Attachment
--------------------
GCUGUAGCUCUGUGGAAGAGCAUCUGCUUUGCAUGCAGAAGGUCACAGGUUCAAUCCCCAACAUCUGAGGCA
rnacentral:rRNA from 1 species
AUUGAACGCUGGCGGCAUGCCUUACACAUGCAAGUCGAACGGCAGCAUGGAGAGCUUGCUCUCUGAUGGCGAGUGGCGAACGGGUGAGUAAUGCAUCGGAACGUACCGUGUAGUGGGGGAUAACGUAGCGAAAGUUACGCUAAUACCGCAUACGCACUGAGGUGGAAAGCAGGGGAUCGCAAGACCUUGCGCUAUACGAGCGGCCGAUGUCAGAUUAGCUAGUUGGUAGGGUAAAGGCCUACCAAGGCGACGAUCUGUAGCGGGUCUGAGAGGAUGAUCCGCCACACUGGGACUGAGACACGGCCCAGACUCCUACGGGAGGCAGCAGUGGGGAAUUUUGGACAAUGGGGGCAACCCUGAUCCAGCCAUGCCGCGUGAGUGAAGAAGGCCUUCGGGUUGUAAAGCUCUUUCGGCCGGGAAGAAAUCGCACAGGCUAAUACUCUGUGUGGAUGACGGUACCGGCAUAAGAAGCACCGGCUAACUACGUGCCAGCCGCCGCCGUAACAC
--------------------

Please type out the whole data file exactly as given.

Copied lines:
GCUGUAGCUCUGUGGAAGAGCAUCUGCUUUGCAUGCAGAAGGUCACAGGUUCAAUCCCCAACAUCUGAGGCA
rnacentral:rRNA from 1 species
AUUGAACGCUGGCGGCAUGCCUUACACAUGCAAGUCGAACGGCAGCAUGGAGAGCUUGCUCUCUGAUGGCGAGUGGCGAACGGGUGAGUAAUGCAUCGGAACGUACCGUGUAGUGGGGGAUAACGUAGCGAAAGUUACGCUAAUACCGCAUACGCACUGAGGUGGAAAGCAGGGGAUCGCAAGACCUUGCGCUAUACGAGCGGCCGAUGUCAGAUUAGCUAGUUGGUAGGGUAAAGGCCUACCAAGGCGACGAUCUGUAGCGGGUCUGAGAGGAUGAUCCGCCACACUGGGACUGAGACACGGCCCAGACUCCUACGGGAGGCAGCAGUGGGGAAUUUUGGACAAUGGGGGCAACCCUGAUCCAGCCAUGCCGCGUGAGUGAAGAAGGCCUUCGGGUUGUAAAGCUCUUUCGGCCGGGAAGAAAUCGCACAGGCUAAUACUCUGUGUGGAUGACGGUACCGGCAUAAGAAGCACCGGCUAACUACGUGCCAGCCGCCGCCGUAACAC